Because cultures are patterns of traditions and behaviors, it is easy to categorize everyone within a culture as being roughly the same. However, this is a mistake. Within cultures there is diversity, counterculture, and emerging norms and traditions that lead to differences between generations. Likewise, within any given geopolitical area, there are multiple cultures and variations of mainstream cultures. For example, is there a single U.S. culture? No, people in the South are very different from those in New England, for example, while Hawaii and Alaska have their own unique sets of cultures.

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Similarly, India is a highly culturally diverse country. With its many different religious sects, political ideologies, and foreign cultural influences throughout history, India is an extremely culturally diverse country (Malik and Pereira 77). Despite the diversity within a specific geopolitical area and culture, the study of culture remains important for understanding differences in trends regarding norms, traditions, and behaviors. The Indian culture (or perhaps more accurately cultures) is the focus here and is explored in the context of a set of interviews conducted on people from India.

My initial ideas about Indian culture grew from my experiences with people of Indian descent who live near me. But these people are not first-generation Indians and have assimilated very well into the U.S. Thus, they had adopted many of the cultural values of the U.S. and of my specific area. My initial conceptions of the Indian culture, then, were that they were hard-working people who ate with their hands and had a passion for cinema. Similarly, I believed that the Indian culture was based in part on self-sufficiency. I realize, now, that this is a mischaracterization of the Indian culture, based on my experiences. But the Indian culture is not particularly individualistic. In fact, the Indian culture is generally considered quite collectivist. This marks one of the misconceptions I had about Indian culture. Another misconception that I had was that the Indian culture promotes analytical, rather than creative, study. Another way to put this is the stereotype that all Indians are good at math and science. Most of the Indians I know are good at math and science, but they also have creative interests as well. Likewise, as I learned during the course of the interviews, there are many people of the Indian culture who do not enjoy math and science, but are most interested in creative pursuits.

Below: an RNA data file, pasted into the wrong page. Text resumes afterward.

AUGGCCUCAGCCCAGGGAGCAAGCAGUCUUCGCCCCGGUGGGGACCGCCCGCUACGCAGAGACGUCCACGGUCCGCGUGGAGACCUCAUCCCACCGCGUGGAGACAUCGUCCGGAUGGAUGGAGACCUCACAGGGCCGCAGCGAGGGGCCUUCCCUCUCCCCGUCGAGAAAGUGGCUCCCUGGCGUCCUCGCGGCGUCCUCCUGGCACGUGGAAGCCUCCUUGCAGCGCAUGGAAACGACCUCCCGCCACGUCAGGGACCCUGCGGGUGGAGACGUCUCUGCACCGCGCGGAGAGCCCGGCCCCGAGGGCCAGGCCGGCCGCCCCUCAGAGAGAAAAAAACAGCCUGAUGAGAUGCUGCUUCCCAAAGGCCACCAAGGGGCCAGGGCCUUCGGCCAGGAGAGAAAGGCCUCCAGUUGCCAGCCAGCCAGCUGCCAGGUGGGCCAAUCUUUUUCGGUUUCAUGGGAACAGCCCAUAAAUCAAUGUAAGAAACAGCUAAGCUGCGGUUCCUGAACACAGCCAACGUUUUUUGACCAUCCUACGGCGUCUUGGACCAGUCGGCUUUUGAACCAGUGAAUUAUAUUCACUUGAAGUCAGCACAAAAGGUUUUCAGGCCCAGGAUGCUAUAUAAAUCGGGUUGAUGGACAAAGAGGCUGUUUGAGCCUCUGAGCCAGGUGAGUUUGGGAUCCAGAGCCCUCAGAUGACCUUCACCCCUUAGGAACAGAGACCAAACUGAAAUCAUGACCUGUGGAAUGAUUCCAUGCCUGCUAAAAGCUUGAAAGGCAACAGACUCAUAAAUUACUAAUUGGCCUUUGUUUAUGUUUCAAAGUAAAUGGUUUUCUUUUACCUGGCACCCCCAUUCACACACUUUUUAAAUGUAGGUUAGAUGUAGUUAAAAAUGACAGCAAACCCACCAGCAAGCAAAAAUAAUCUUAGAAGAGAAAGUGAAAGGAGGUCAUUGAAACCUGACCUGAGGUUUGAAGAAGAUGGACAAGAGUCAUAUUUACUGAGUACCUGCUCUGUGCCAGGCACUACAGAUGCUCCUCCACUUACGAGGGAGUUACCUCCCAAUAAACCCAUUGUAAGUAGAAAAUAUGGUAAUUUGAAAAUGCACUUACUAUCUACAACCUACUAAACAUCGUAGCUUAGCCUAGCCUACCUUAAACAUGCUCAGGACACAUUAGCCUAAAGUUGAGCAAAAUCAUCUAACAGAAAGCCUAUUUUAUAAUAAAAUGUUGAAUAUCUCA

Based on the responses given in the interviews, it seems that familial intimacy and closeness are very important during a number of daily processes of those in India and of Indians living in the West. During eating, for example, families tend to sit down and have meals together, rather than eating separately or on-the-go. Similarly, Indian families tend to share information readily. Members of Indian families tend to be quite open about their lives and how they spend their days, as well as what they are thinking about. In contrast, people in the West often only share their experiences when they are proud of their achievements or are ranting about problems that they occurred at work for example. Thus, the Indian culture tends to be more open and collectivist when it comes to many processes, such as eating, and concerning information and experiences.

Another notable characteristic of Indian culture that was discovered during the interviews was diversity. Those interviewed had very different responses to a number of questions asked. In fact, many of the responses indicated that there was a lack of homogeneity in the Indian culture. Some of the interviewees, for example, suggested that other members of their society or culture would not give the same response. Likewise, some suggested that there were no clear trends in India on certain topics because people are so different within their society and culture.

Diversity in Indian culture stems primary from two sources. First, many foreign cultures and peoples have influenced specific groups and areas within India (Pereira and Malik 142). Second, various religious and cultural sects have emerged across the various regions in India (Vanita 22). This combination has led to the development of heterogenous cultures and religious sects in India, contributing to the very high variance in cultural expressions, values, and traditions in the country.

Culture is an interesting topic because it can be studied to identify differences in traditions, norms, and other trends within a particular geopolitical area. However, there is a danger of jumping to assumptions about any particular culture or any individual within a culture. After all, as is demonstrated above in the exploration of Indian culture which featured a number of subcultures and diverse norms and traditions. I had several misconceptions about the Indian culture before I began these interviews. I only had a surface-level understanding of a subset of those of Indian descent.

At that, this understanding was based on a very small sample of Indians, namely those I knew. Exploring the Indian culture deeper through cultural interviews has opened up a whole new conception of culture to me. The diversity in the Indian culture was most surprising. I would like to explore the Indian culture further at the point of artistic expression. Cinema is popular in much of urban India (Abhishek and Sahay 401-403), but there are many other cultural expressions that I do not understand well and am largely unfamiliar with. As I continue learning about this culture, I will certainly focus on cinema and other artistic expression.